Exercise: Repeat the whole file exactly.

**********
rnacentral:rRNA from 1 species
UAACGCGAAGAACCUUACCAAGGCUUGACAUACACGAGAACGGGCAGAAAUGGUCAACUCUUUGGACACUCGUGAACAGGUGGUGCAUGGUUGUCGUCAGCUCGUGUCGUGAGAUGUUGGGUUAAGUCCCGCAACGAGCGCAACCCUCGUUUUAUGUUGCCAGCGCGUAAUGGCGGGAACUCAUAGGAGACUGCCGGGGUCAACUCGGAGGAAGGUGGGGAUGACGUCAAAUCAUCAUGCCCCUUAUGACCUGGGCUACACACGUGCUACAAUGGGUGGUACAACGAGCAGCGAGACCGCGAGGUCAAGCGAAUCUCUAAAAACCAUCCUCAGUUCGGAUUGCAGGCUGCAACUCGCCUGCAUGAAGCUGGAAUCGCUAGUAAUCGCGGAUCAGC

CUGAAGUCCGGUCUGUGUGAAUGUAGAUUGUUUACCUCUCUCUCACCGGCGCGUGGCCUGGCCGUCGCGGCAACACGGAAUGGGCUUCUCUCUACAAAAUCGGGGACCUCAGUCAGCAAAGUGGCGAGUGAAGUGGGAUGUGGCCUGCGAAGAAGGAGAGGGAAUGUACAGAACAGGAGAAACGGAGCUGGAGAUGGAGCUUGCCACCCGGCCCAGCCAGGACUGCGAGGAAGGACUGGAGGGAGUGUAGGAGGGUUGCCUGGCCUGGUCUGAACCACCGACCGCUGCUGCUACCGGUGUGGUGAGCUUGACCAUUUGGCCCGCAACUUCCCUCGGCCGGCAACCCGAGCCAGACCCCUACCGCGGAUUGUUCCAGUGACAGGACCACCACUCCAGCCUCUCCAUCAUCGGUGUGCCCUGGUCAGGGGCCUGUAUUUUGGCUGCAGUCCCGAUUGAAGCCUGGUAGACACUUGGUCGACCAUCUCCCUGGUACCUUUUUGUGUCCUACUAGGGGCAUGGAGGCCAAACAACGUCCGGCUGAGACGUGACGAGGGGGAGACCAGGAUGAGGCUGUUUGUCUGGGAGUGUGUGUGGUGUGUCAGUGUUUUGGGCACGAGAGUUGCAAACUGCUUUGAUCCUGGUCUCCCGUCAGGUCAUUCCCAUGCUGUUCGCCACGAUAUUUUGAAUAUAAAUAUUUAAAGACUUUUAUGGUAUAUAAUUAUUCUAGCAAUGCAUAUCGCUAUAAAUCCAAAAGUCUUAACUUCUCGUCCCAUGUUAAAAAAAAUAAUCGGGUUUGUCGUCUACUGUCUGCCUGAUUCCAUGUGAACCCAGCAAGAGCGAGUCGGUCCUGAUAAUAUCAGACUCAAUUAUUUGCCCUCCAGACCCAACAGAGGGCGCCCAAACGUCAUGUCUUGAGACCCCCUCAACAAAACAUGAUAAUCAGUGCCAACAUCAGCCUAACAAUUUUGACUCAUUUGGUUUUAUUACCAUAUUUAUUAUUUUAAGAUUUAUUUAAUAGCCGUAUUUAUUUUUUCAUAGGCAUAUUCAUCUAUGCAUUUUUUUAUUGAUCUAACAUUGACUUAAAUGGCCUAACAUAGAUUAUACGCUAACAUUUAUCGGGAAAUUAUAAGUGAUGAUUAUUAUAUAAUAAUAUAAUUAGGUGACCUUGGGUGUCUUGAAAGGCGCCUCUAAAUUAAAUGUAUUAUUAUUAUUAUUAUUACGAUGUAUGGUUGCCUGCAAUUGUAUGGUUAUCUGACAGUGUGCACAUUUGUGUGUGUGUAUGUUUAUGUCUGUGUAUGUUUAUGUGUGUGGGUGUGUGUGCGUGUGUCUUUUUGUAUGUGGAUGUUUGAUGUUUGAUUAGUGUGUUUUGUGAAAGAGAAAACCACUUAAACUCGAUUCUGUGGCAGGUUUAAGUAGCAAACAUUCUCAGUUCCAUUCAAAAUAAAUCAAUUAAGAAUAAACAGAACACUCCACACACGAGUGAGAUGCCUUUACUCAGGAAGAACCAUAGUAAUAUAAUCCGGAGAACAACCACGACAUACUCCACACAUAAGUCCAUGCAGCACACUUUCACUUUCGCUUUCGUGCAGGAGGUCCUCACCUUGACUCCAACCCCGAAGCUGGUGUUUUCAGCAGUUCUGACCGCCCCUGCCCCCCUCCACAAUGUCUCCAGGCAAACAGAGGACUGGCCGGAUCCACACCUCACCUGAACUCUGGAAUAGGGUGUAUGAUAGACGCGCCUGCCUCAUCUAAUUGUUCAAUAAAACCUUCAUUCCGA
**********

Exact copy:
rnacentral:rRNA from 1 species
UAACGCGAAGAACCUUACCAAGGCUUGACAUACACGAGAACGGGCAGAAAUGGUCAACUCUUUGGACACUCGUGAACAGGUGGUGCAUGGUUGUCGUCAGCUCGUGUCGUGAGAUGUUGGGUUAAGUCCCGCAACGAGCGCAACCCUCGUUUUAUGUUGCCAGCGCGUAAUGGCGGGAACUCAUAGGAGACUGCCGGGGUCAACUCGGAGGAAGGUGGGGAUGACGUCAAAUCAUCAUGCCCCUUAUGACCUGGGCUACACACGUGCUACAAUGGGUGGUACAACGAGCAGCGAGACCGCGAGGUCAAGCGAAUCUCUAAAAACCAUCCUCAGUUCGGAUUGCAGGCUGCAACUCGCCUGCAUGAAGCUGGAAUCGCUAGUAAUCGCGGAUCAGC

CUGAAGUCCGGUCUGUGUGAAUGUAGAUUGUUUACCUCUCUCUCACCGGCGCGUGGCCUGGCCGUCGCGGCAACACGGAAUGGGCUUCUCUCUACAAAAUCGGGGACCUCAGUCAGCAAAGUGGCGAGUGAAGUGGGAUGUGGCCUGCGAAGAAGGAGAGGGAAUGUACAGAACAGGAGAAACGGAGCUGGAGAUGGAGCUUGCCACCCGGCCCAGCCAGGACUGCGAGGAAGGACUGGAGGGAGUGUAGGAGGGUUGCCUGGCCUGGUCUGAACCACCGACCGCUGCUGCUACCGGUGUGGUGAGCUUGACCAUUUGGCCCGCAACUUCCCUCGGCCGGCAACCCGAGCCAGACCCCUACCGCGGAUUGUUCCAGUGACAGGACCACCACUCCAGCCUCUCCAUCAUCGGUGUGCCCUGGUCAGGGGCCUGUAUUUUGGCUGCAGUCCCGAUUGAAGCCUGGUAGACACUUGGUCGACCAUCUCCCUGGUACCUUUUUGUGUCCUACUAGGGGCAUGGAGGCCAAACAACGUCCGGCUGAGACGUGACGAGGGGGAGACCAGGAUGAGGCUGUUUGUCUGGGAGUGUGUGUGGUGUGUCAGUGUUUUGGGCACGAGAGUUGCAAACUGCUUUGAUCCUGGUCUCCCGUCAGGUCAUUCCCAUGCUGUUCGCCACGAUAUUUUGAAUAUAAAUAUUUAAAGACUUUUAUGGUAUAUAAUUAUUCUAGCAAUGCAUAUCGCUAUAAAUCCAAAAGUCUUAACUUCUCGUCCCAUGUUAAAAAAAAUAAUCGGGUUUGUCGUCUACUGUCUGCCUGAUUCCAUGUGAACCCAGCAAGAGCGAGUCGGUCCUGAUAAUAUCAGACUCAAUUAUUUGCCCUCCAGACCCAACAGAGGGCGCCCAAACGUCAUGUCUUGAGACCCCCUCAACAAAACAUGAUAAUCAGUGCCAACAUCAGCCUAACAAUUUUGACUCAUUUGGUUUUAUUACCAUAUUUAUUAUUUUAAGAUUUAUUUAAUAGCCGUAUUUAUUUUUUCAUAGGCAUAUUCAUCUAUGCAUUUUUUUAUUGAUCUAACAUUGACUUAAAUGGCCUAACAUAGAUUAUACGCUAACAUUUAUCGGGAAAUUAUAAGUGAUGAUUAUUAUAUAAUAAUAUAAUUAGGUGACCUUGGGUGUCUUGAAAGGCGCCUCUAAAUUAAAUGUAUUAUUAUUAUUAUUAUUACGAUGUAUGGUUGCCUGCAAUUGUAUGGUUAUCUGACAGUGUGCACAUUUGUGUGUGUGUAUGUUUAUGUCUGUGUAUGUUUAUGUGUGUGGGUGUGUGUGCGUGUGUCUUUUUGUAUGUGGAUGUUUGAUGUUUGAUUAGUGUGUUUUGUGAAAGAGAAAACCACUUAAACUCGAUUCUGUGGCAGGUUUAAGUAGCAAACAUUCUCAGUUCCAUUCAAAAUAAAUCAAUUAAGAAUAAACAGAACACUCCACACACGAGUGAGAUGCCUUUACUCAGGAAGAACCAUAGUAAUAUAAUCCGGAGAACAACCACGACAUACUCCACACAUAAGUCCAUGCAGCACACUUUCACUUUCGCUUUCGUGCAGGAGGUCCUCACCUUGACUCCAACCCCGAAGCUGGUGUUUUCAGCAGUUCUGACCGCCCCUGCCCCCCUCCACAAUGUCUCCAGGCAAACAGAGGACUGGCCGGAUCCACACCUCACCUGAACUCUGGAAUAGGGUGUAUGAUAGACGCGCCUGCCUCAUCUAAUUGUUCAAUAAAACCUUCAUUCCGA